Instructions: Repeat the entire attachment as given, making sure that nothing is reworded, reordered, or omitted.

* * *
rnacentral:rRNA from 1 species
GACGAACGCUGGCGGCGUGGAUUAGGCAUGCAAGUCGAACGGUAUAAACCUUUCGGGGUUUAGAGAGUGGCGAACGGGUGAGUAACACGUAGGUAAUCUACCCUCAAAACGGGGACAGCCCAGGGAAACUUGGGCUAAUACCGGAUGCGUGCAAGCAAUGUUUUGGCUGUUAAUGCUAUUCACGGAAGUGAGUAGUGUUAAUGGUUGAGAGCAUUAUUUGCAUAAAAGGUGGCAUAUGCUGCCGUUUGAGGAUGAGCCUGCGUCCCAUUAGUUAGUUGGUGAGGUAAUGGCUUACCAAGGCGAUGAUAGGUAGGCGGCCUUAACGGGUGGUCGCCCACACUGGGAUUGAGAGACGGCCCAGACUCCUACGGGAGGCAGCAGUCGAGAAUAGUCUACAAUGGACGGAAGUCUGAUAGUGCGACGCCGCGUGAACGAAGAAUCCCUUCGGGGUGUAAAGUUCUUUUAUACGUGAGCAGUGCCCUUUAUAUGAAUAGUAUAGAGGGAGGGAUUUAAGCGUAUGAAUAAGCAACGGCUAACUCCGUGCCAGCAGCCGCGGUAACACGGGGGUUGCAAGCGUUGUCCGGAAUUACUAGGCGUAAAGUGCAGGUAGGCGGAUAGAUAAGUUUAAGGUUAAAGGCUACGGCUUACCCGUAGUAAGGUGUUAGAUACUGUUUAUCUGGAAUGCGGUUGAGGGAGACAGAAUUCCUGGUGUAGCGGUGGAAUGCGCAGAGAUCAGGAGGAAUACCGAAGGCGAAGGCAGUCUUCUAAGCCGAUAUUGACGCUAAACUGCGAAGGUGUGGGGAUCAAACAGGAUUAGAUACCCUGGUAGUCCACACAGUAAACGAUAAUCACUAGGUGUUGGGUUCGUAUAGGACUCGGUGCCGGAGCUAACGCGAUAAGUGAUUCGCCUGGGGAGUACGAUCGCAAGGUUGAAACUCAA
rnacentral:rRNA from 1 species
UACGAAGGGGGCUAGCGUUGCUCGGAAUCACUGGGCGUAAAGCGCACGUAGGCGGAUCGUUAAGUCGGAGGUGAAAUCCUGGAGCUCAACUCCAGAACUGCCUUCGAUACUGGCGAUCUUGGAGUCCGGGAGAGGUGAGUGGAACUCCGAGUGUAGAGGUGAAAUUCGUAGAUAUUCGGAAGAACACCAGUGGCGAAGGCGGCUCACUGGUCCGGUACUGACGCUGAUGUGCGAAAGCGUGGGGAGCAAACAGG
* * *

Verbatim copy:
rnacentral:rRNA from 1 species
GACGAACGCUGGCGGCGUGGAUUAGGCAUGCAAGUCGAACGGUAUAAACCUUUCGGGGUUUAGAGAGUGGCGAACGGGUGAGUAACACGUAGGUAAUCUACCCUCAAAACGGGGACAGCCCAGGGAAACUUGGGCUAAUACCGGAUGCGUGCAAGCAAUGUUUUGGCUGUUAAUGCUAUUCACGGAAGUGAGUAGUGUUAAUGGUUGAGAGCAUUAUUUGCAUAAAAGGUGGCAUAUGCUGCCGUUUGAGGAUGAGCCUGCGUCCCAUUAGUUAGUUGGUGAGGUAAUGGCUUACCAAGGCGAUGAUAGGUAGGCGGCCUUAACGGGUGGUCGCCCACACUGGGAUUGAGAGACGGCCCAGACUCCUACGGGAGGCAGCAGUCGAGAAUAGUCUACAAUGGACGGAAGUCUGAUAGUGCGACGCCGCGUGAACGAAGAAUCCCUUCGGGGUGUAAAGUUCUUUUAUACGUGAGCAGUGCCCUUUAUAUGAAUAGUAUAGAGGGAGGGAUUUAAGCGUAUGAAUAAGCAACGGCUAACUCCGUGCCAGCAGCCGCGGUAACACGGGGGUUGCAAGCGUUGUCCGGAAUUACUAGGCGUAAAGUGCAGGUAGGCGGAUAGAUAAGUUUAAGGUUAAAGGCUACGGCUUACCCGUAGUAAGGUGUUAGAUACUGUUUAUCUGGAAUGCGGUUGAGGGAGACAGAAUUCCUGGUGUAGCGGUGGAAUGCGCAGAGAUCAGGAGGAAUACCGAAGGCGAAGGCAGUCUUCUAAGCCGAUAUUGACGCUAAACUGCGAAGGUGUGGGGAUCAAACAGGAUUAGAUACCCUGGUAGUCCACACAGUAAACGAUAAUCACUAGGUGUUGGGUUCGUAUAGGACUCGGUGCCGGAGCUAACGCGAUAAGUGAUUCGCCUGGGGAGUACGAUCGCAAGGUUGAAACUCAA
rnacentral:rRNA from 1 species
UACGAAGGGGGCUAGCGUUGCUCGGAAUCACUGGGCGUAAAGCGCACGUAGGCGGAUCGUUAAGUCGGAGGUGAAAUCCUGGAGCUCAACUCCAGAACUGCCUUCGAUACUGGCGAUCUUGGAGUCCGGGAGAGGUGAGUGGAACUCCGAGUGUAGAGGUGAAAUUCGUAGAUAUUCGGAAGAACACCAGUGGCGAAGGCGGCUCACUGGUCCGGUACUGACGCUGAUGUGCGAAAGCGUGGGGAGCAAACAGG